Lack of funds stalls health projects

HARARE - The Health ministry has failed to implement projects they had been earmarked to improve the health sector in Zimbabwe, owing to poor resource allocation by Treasury, an official said.

Speaking before a Parliamentary Portfolio Committee on Health, Health ministry permanent secretary Gerald Gwinji said money allocated to the ministry remains inadequate to fund the country’s health system.

“We had been allocated $7 million for central healthcare rehabilitation but $195 000 was released. It means we haven’t done anything much yet in terms of rehabilitation of our health infrastructure,” Gwinji said.

“We had been allocated $6, 2 million for the improvement of district health centres but only $548 000 was released. We had been allocated $1,1 million for the rehabilitation of rural health centres but only $400 000 was released.

“We had applied for $18 million under primary healthcare and $14 million was only released with $4 million outstanding.”

Gwinji’s revelations comes amid donor fatigue, with the health permanent secretary admitting that they were beginning to see a drop in the number of organisations willing to partner the ministry.

Out of a required $1,3 billion support for the health sector, former Finance minister Patrick Chinamasa only allocated the Health ministry a paltry $281 million.

This constituted just 6,8 percent of the total budget a far cry from the 15 percent Abuja declaration requirement.

Meanwhile, senators said the government must do more in terms of funding the health sector.

“Government should consider resourcing our pharmaceutical companies so that they will be able to produce affordable medication in order to curb certain diseases like malaria, TB and HIV.  Companies like CAPS and Datlabs, are government-owned companies, but even privately-owned companies should make drugs which are competitive.  This will help in making drugs affordable,” senator for the disabled Nyamayabo Mashavakure said.

“Health should be for all the people despite their ages.  If it were possible, I think referral hospitals like Parirenyatwa, Mpilo and UBH should be found in all the areas in this country so that people have big hospitals near where they stay and they do not have to come and crowd Harare, looking for medical attention for different conditions.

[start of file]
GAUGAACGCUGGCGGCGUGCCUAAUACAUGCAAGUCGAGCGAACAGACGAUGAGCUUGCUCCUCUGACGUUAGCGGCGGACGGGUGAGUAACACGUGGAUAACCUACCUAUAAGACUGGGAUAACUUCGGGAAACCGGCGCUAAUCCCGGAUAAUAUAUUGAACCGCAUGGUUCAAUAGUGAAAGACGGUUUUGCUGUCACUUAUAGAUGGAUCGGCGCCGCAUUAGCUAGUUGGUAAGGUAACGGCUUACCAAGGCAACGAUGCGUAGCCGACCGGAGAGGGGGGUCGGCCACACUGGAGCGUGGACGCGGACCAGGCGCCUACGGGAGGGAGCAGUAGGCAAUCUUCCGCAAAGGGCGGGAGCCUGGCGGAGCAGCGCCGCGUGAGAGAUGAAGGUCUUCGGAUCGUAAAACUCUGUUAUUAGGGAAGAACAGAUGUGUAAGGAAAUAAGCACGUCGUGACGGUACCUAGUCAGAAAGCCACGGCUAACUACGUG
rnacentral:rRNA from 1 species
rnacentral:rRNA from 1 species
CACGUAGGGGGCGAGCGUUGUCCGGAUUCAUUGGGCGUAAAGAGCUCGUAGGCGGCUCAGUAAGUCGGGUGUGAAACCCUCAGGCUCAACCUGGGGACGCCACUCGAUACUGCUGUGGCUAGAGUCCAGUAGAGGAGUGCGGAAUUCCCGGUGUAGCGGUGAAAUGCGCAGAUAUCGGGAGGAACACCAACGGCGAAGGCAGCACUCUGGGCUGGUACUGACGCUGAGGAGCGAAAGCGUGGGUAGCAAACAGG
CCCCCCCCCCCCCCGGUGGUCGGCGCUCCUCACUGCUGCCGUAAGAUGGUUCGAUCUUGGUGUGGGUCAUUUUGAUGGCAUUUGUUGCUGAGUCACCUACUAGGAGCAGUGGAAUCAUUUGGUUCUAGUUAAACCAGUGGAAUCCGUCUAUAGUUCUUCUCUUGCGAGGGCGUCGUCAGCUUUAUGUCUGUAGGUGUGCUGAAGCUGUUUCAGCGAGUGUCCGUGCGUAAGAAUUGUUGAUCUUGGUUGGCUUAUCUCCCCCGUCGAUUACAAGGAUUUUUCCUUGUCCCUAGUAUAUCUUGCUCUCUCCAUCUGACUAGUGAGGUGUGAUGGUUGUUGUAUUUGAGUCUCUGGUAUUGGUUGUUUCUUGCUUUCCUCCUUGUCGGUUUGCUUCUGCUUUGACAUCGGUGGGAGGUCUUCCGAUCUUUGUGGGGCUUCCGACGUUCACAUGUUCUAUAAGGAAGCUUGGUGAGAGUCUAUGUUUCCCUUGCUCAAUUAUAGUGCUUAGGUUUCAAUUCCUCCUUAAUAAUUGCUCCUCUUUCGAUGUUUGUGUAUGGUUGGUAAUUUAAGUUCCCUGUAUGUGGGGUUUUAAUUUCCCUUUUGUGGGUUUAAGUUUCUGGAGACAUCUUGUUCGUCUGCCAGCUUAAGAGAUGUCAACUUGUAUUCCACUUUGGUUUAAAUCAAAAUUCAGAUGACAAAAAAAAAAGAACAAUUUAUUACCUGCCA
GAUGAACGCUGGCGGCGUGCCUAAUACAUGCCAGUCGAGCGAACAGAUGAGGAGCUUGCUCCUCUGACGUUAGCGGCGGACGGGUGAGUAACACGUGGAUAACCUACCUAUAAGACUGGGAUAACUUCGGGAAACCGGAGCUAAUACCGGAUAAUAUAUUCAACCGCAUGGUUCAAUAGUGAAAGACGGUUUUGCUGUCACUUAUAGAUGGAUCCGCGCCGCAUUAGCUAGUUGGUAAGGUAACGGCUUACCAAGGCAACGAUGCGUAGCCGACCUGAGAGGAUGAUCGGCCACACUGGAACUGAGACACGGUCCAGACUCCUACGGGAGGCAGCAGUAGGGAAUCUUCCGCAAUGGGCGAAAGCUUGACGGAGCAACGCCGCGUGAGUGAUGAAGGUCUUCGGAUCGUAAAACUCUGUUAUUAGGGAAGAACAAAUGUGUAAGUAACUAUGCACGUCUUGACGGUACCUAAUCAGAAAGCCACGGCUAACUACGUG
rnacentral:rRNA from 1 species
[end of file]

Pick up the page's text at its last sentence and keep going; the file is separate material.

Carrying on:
“Hospitals like the one in Chitungwiza should be built in many places around the country so that people do not go around in search of referral hospitals.  We want good health for all people, including the infants and the elderly.”

Zanu PF Hurungwe senator Tapera Machingaifa also narrated horrific stories which he witnessed at Hurungwe District Hospital.

“When we talk about the budget, let us talk to the minister of Finance ... so that he puts more money on health issues. I remember, sometime I went making some research and investigation in my constituency in Hurungwe where I paid a visit to the Hurungwe hospital which is in the Magunje township. 

“It is quite a big hospital which is supposed to be helping people and it has a wide-catchment area. I observed that despite the size of the hospital, there was no ambulance.  My reason for visiting that place was to carry a corpse that was in the mortuary which was not refrigerated.

“When I got in there, I saw that there were some goat droppings in the hospital and you start wondering as to how goats may come into that place.  The mortuary was located some distance from the main hospital and the grass around the place was not is quite a pity...”

Bulawayo MDC senator Siphiwe Ncube said government cannot even pay medical bills for legislators.

“All of us here, one way or the other have something that needs medical attention, but when we go to the hospitals we are not able to pay for the bills.  There is a time I got injured and there was a demand for $400 that I was supposed to pay, but I failed to pay that bill.”

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